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Reliance on Accountant May Provide Reasonable Basis to Avoid Penalty for Failure to File Foreign Trust Form

Reliance on Accountant May Provide Reasonable Basis to Avoid Penalty for Failure to File Foreign Trust Form

 

A district court has denied IRS's motion for summary judgment in a case dealing with the Code Sec. 6677 penalty for failure to file Form 3520, Annual Return To Report Transactions With Foreign Trusts and Receipt of Certain Foreign Gifts. The court concluded that there was a genuine issue of material fact about whether the taxpayer's accountant provided him with advice on which he reasonably relied in not filing the form.
 


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United States District Court, M.D. Florida, Tampa Division.

Brian Chivas JAMES, Plaintiff,

v.

UNITED STATES of America, Defendant.

No. 8:11–cv–271–T–30AEP.

Aug. 14, 2012.

Dwaune L. Dupree, Kendall C. Jones, Sutherland, Asbill & Brennan, LLP, Washington, DC, Patricia A. Gorham, Sutherland, Asbill & Brennan, LLP, Atlanta, GA, for Plaintiff.

Michael W. May, U.S. Department of Justice, Washington, DC, for Defendant.

ORDER

JAMES S. MOODY, JR., District Judge.

Background

Plaintiff Brian Chivas James is a Sarasota physician specializing in pain management. In 2001, looking to protect his assets from potential malpractice claims, James proceeded to create an irrevocable foreign trust in Nevis, West Indies, with First Fidelity Trust Limited (FFT) as its trustee. James initially funded the trust in 2001 with a contribution of $192,000. He made additional contributions of $805,000 in 2002 and $607,146 in 2003.

Under 26 U.S.C. sec. 6048, the trust was required to file Form 3520–A, Annual Information Return of Foreign Trust with a U.S. Owner, which the trust timely filed for all relevant years. In addition, as owner of the trust, James was required to file IRS Form 3520, Annual Return to Report Transactions with Foreign Trusts and Receipt of Certain Foreign Gifts. James failed to file the required Form 3520 for the years 2001, 2002, and 2003.

James argues that his failure to file Form 3520 is the fault of his former accountant, George Famiglio. Famiglio had prepared James's personal and business taxes for a number of years, and James relied on Famiglio to properly oversee and advise him about the tax requirements of the foreign trust. According to James, he or his agent timely provided Famiglio with all appropriate trust documents and information, for each year in question, yet Famiglio failed to timely file Form 3520, and/or advise James that it should be filed. James further contends that he was personally unaware of the requirement to file Form 3520.

James argues that he acted prudently and with sound business judgment in engaging Famiglio to handle all issues related to the foreign trust, and that his accountant simply dropped the ball. Although James does not remember the details of most conversations he had with Famiglio, or any specific advice he received, he recalls that they "talked a pretty good bit" about the trust, and he believed at the time that "[Famiglio] had filed all the-everything required with the IRS." In short, James argues that he had "reasonable cause" in failing to file Form 3520 by reasonably relying on Famiglio.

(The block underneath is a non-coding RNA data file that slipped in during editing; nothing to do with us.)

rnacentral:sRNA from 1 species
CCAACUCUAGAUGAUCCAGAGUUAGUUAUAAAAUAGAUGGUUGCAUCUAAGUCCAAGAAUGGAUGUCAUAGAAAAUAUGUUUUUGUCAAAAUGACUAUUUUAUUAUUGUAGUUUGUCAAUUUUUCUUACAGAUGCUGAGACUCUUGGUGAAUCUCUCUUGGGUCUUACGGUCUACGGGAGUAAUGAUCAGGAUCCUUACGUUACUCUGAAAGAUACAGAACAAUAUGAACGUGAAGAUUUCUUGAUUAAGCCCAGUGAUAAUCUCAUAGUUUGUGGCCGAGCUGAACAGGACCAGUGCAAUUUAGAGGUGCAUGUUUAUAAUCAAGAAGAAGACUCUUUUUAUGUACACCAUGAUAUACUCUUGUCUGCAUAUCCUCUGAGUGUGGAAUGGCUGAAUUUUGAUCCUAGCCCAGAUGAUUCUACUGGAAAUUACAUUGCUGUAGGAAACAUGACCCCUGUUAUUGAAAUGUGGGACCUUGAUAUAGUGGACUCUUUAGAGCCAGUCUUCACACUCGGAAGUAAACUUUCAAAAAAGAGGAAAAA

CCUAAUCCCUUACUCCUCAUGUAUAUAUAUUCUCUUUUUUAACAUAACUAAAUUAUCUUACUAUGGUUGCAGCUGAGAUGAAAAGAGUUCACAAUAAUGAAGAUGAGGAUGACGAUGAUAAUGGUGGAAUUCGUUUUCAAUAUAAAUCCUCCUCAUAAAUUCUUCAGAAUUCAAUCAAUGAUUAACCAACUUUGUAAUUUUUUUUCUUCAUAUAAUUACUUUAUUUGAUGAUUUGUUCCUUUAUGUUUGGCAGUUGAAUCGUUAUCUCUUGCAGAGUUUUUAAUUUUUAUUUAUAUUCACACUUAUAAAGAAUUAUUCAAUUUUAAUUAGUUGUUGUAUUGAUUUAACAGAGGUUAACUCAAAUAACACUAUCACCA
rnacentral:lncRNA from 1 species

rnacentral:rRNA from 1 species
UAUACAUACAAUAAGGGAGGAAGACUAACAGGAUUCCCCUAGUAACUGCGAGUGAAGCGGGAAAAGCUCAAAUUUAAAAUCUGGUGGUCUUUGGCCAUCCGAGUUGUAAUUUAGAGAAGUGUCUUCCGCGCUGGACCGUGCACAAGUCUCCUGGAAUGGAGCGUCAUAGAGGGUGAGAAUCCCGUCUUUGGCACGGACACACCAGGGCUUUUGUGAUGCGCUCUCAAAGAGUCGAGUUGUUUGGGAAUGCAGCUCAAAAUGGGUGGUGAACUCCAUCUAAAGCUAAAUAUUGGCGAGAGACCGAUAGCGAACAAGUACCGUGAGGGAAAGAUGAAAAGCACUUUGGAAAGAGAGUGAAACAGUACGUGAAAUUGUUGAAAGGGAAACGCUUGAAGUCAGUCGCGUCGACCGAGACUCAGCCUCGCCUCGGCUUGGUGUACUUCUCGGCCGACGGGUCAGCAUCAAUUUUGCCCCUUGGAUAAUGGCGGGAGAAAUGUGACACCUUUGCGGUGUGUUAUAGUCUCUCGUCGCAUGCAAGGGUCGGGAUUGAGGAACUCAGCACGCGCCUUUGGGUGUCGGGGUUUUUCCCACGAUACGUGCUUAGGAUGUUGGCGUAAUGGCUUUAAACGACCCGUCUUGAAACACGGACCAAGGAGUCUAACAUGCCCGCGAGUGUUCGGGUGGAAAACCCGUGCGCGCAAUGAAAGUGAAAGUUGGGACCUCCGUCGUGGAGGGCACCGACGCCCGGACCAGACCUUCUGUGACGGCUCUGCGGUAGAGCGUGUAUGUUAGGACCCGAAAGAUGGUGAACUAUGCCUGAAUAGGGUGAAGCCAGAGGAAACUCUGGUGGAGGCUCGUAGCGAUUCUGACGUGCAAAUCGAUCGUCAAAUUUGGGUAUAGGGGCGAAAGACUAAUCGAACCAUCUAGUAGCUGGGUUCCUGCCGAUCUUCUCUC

The Government contends that James lacks reasonable cause. Noting that James was put on notice of the requirement to file Form 3520, the Government argues that his reliance on Famiglio cannot constitute reasonable cause. In 2006, the Government assessed penalties of $67,200, $281,750, and $230,000, for failure to file Form 3520 in years 2001, 2002, and 2003, respectively. James now sues for a refund of tax penalties, arguing that his failure to file Form 3520 was due to reasonable cause and not willful neglect.
The district court said it was clear that a taxpayer may reasonably rely on an expert's advice that no return is required; thus, if an expert erroneously advises him that no return is required, or erroneously advises him that it can be filed beyond the due date, reasonable cause may be found. The court pointed to these factors in deciding that there was a genuine issue of material fact about whether Famiglio provided Dr. James with advice upon which the latter reasonably relied:

  • Dr. James timely provided all required trust forms to Famiglio and relied on Famiglio to advise him on all matters related to the trust;
  • Famiglio advised him on at least some trust matters (for example, he advised on how to report loans from the trust for tax purposes and that the trust loans did not result in taxable income);
  • Dr. James relied on Famiglio to advise him about making the appropriate filings for the trust, but Famiglio failed to so advise him; and
  • Dr. James, based on his conversations with Famiglio, believed that he had filed all required forms.

In addition, the court pointed out that Famiglio prepared James's personal tax returns. On Schedule B of his Form 1040 tax returns, Famiglio answered “no” to the question asking whether the taxpayer received a distribution from, or was the grantor of or transferor to, a foreign trust. The court said that answering “no” to this question could be construed as Famiglio providing advice that Dr. James need not file Form 3520, advice upon which James could have potentially reasonably relied.

As a result, the court denied IRS's motion for summary judgment.
 
 James v.U.S., 2012 WL 3522610 (M.D.Fla., Slip Copy, Aug. 14, 2012).

Read more at: Tax Times blog

 
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